Misdemeanors are a category of criminal charges. They are generally less serious than felony charges, but more serious than citations or infractions. Misdemeanors typically involve minor damage to property or minor injury to another person. Each state may have different definitions of the term “misdemeanor” in their criminal law statutes. In some cases, felony charges can be reduced to misdemeanor charges. 

What are Some Types of Misdemeanor Charges?

Misdemeanors are usually categorized into broad categories. These may include:

  • “Crimes against the Person”: These include charges like assault and battery, false imprisonment, or harassment. More serious injuries or injuries caused by the use of a weapon will usually result in felony charges
  • “Crimes against Property”: These types of charges generally involve some sort of theft, as is the case with shoplifting or larceny charges.
  • “Crimes against Public Safety or Public Order”: Examples of these include disorderly conduct, noise violations, open alcohol container violations, prostitution, and “minor in possession” of alcohol.

Some types of misdemeanor charges may be difficult to define. For instance, some states have a category of charges called “wobbler” offenses, which are charges that can either be filed as a misdemeanor or a felony depending on the circumstances. Other states have a category called “unclassified misdemeanors”, which often cover a broad range of offenses.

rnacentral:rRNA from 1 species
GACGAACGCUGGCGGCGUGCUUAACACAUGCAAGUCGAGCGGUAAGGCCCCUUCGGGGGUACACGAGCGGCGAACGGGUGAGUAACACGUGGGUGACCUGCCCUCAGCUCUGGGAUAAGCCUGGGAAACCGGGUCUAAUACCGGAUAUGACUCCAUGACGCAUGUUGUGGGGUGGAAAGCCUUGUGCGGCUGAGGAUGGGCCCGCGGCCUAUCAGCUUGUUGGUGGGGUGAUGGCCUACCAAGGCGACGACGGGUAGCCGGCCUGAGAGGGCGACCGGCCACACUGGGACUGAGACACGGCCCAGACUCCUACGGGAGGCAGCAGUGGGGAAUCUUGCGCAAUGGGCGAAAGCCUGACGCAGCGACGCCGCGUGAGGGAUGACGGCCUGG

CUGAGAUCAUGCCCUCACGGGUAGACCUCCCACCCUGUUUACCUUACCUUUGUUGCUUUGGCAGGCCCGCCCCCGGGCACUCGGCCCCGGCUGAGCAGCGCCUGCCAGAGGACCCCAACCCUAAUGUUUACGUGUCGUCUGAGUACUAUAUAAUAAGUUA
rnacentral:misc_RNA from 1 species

What Are the Penalties and Defenses for Misdemeanor Charges?

Legal penalties for misdemeanor convictions usually involve some sort of criminal fine, as well as a short period of jail time. Misdemeanor sentences usually involve a maximum of one year in a county jail; felony charges result in sentences of higher than one year in a federal facility rather than a county facility.

Some defenses may apply depending on the type of misdemeanor charges involved. These may include: Self-defense, intoxication, coercion, public arrest, and other types of defenses. You may need to consult with an attorney for more specific applications if you’re facing charges.

Do I Need a Lawyer for Help with Misdemeanor Charges?

No matter what types of misdemeanor charges may be involved, it’s in your best interests to hire a qualified criminal lawyer if you need help with a case. Your attorney can provide you with valuable legal advice, research, and representation in your defense. Criminal laws may vary by state, and state-appointed defense lawyers may have conflicts of interest with the client. Thus, it’s often recommended to hire your own attorney for help with charges.